Role-playing games are not much different from religion as the same elements are very much present, namely:
  • a narrative world or space - with rules, restrictions and limitations
  • a central narrative underlying the game and its rituals
  • symbols, icons and avatars 
  • role-play and enactment
Current we are in the period [that is if you are reading this blog in March/April] of two festivals where both Christians and Jews will be involved in role-playing. Most Western Christian traditions will role-play the Lord's supper (and other events), and enact through symbols Jesus' death, burial and resurrection. My Jewish friends on the other hand, will enact historical Passover night in Egypt.

As to the narrative world or space, both Christianity and Judaism today construct elaborate spaces designed to facilitate their telling of Biblical and communal narratives. Both construct spaces and ascribe rules and restrictions and limitations to what can be done within the space and who gets to play what role within specific spaces. 

For example, while it is deemed unacceptable to snack "in  church" either during the ceremony or even after, it is perfectly acceptable to "snack" of the communion bread and grape juice during the narrative event enacting Communion.

Finally, both video games and religions have communities formed around their narratives and rituals.The conclusion, perhaps video games and religion are more similar than we think. Just a thought.


Miller, C. H. (2008). Digital storytelling: A creator's guide to interactive entertainment (2nd ed.). Amsterdam; Boston: Focal Press/Elsevier.

Monday, April 14, 2014

Palm Sunday and Passover 2014 preparation reflection

So Passover 2014 begins April 14. As I attempt to lead my family (or household) in remembering and celebrating this feast, I want to share five thoughts that came to me as we prepared to remember Passover:

  1. On Palm Sunday morning, respecting my wife's Christian tradition, we listened to a Bible reading on the events of Palm Sunday. As we listened to the readings prior to the main Palm Sunday event, I noticed the themes of Jesus sayings and teachings prior to his entry in Jerusalem. All the teachings and sayings recorded then seemed to have a reoccurring theme: that of getting rid of the things that separates one from God. Hence, the major idea of Passover preparation is to take time to think about what brings us closer to God and what separates us from him.
  2. Cleaning through my refrigerator, I came across numerous vegetables that were abandoned or forgotten, including frozen vegetables. This inspired me to reflect that Passover is a good time to look back at our store house of food and see what we have wasted and make sure that we make good use of food that God provided us. To help do this, we should have a feast and invite friends, neighbours, loved ones or even strangers to help us eat the good food that God has provided us with, and celebrate and not forget his provision in the previous [old] year while we look forward to continuing provision for the new year.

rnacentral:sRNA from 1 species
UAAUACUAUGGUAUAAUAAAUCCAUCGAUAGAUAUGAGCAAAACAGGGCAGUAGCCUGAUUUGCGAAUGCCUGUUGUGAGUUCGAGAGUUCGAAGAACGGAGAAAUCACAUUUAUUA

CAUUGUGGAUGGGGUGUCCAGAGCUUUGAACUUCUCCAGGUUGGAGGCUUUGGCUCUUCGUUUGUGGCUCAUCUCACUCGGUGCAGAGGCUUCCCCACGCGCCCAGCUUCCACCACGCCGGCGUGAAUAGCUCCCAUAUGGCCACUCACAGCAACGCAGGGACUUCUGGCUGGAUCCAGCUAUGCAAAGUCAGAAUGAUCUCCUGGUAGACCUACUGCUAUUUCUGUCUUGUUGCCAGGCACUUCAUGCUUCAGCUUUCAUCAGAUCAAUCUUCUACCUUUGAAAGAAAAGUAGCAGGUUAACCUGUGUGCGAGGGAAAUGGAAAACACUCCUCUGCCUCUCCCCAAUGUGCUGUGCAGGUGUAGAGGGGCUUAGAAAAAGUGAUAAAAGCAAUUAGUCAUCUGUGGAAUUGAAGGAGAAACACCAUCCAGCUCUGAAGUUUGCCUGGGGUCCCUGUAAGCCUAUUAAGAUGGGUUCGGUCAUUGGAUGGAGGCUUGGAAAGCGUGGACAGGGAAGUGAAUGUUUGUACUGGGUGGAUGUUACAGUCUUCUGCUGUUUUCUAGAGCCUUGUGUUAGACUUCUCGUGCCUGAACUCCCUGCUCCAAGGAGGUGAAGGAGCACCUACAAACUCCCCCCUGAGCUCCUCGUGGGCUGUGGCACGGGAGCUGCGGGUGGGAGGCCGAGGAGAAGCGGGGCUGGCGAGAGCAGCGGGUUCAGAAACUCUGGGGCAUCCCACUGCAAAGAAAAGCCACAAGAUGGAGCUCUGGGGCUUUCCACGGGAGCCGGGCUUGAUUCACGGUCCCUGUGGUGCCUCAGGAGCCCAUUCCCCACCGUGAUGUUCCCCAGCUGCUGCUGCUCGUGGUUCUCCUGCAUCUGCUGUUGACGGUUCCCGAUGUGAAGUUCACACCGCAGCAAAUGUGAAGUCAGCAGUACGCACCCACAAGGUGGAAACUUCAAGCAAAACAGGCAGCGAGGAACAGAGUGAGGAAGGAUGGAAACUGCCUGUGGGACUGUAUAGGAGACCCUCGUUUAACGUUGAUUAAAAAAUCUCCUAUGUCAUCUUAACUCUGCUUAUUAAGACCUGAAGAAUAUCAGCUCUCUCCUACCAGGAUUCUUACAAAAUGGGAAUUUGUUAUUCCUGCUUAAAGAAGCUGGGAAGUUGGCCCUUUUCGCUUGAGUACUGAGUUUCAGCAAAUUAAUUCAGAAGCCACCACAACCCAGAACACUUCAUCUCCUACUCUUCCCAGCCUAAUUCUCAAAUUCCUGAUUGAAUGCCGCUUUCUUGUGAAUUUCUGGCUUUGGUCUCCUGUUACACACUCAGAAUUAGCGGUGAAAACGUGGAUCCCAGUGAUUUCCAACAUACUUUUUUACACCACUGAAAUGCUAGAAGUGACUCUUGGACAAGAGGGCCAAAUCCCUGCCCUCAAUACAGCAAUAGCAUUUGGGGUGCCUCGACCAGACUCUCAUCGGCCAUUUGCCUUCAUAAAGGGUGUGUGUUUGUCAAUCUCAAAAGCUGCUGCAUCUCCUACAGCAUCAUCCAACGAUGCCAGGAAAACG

3. Cleaning my refrigerator took the whole morning and I was basically tired and a bit sick after the activity. Despite my enthusiasm to do more, like vacuum and mop the whole house, my body could not meet the goals I set for Passover cleaning. This reminded me that my efforts to remember the Passover by doing some of the activities  in the Bible will always fall short, hence my need for Jesus as my Saviour. Essentially, all the good that I intend to do, cannot be done, because of the limitations in my body and flesh. Hence, I need a substitute who can help me do the will of God and help me to acquire his favour.
  4. The matzah is really the "bread of affliction". My wife after eating matzah for an entire week for several years now, does not like the bread (or cracker). Whenever the Passover season comes and I acquire the bread, she reminds me of her horrible experiences and why she does not like the bread. For her, going without leavened products is more like a fast than a feast. I can empathize with her to some extent. Because Matzah is not the kind of food that you want to eat seven days straight. It is a bread that cuts. Because it lacks leaven, it is crunchy but can also lead to sore gums and cuts in the mouth (or lip). Nonetheless, the hardship of eating Matzah can remind us that we as Christians must share in the afflictions of Christ. (For Jews, the affliction is shared with their ancestors). To me the Passover experience reminds me that even though I might have freedom today, religious freedom is not guaranteed tomorrow. Just like how the Jews prospered in Joseph's time in Egypt, it only takes a few generations before your faith can be outlawed and your freedoms taken away. I see parallel today that the Western world, once the bedrock of [Western] Christianity is now becoming increasing secular. The results are, freedoms we used to enjoy are now being curtailed. Yet, the Passover experience reminds me that this is nothing new, and in fact, is promised by our Saviour. As Jesus says: In this world, we shall have sorrow (John 16:33). Hence, we must be prepared and prepare ourselves each Passover remembrance for this reality. We don't know when it may be illegal to be a Christian (for some in the East, this is already reality), but we must always contemplate this reality so that we can be reminded that even though we will be oppressed that God will deliver us as he did with the Hebrews under Pharaoh.
  5. Finally, as I cleaned my refrigerator, I wondered if Passover was also a way of getting the Hebrews to practice the hygiene of cleaning their food storage houses once a year, so as to clear out bacteria and other contaminants of food. I not only removed expired food from my fridge, but also wiped away much of the scum that made me wonder how much bacteria lives in the fridge, despite the cold temperature. I can only imagine that the Hebrews in leaving Egypt, without fridge technology, had to deal with hot temperatures associated with their food storage spaces that led to the breeding of fungi, mold and other micro-organisms. 
Finally, I share an insider's joke. My wife argued with me that I shouldn't wait once a year to do "spring cleaning" of the house. In fact, she suggested that we should be doing such activities at least every two weeks, so as to maintain the clean environment, rather than having a whole lot to do at one time. I shot back that God only cleansed his sanctuary once per year. :)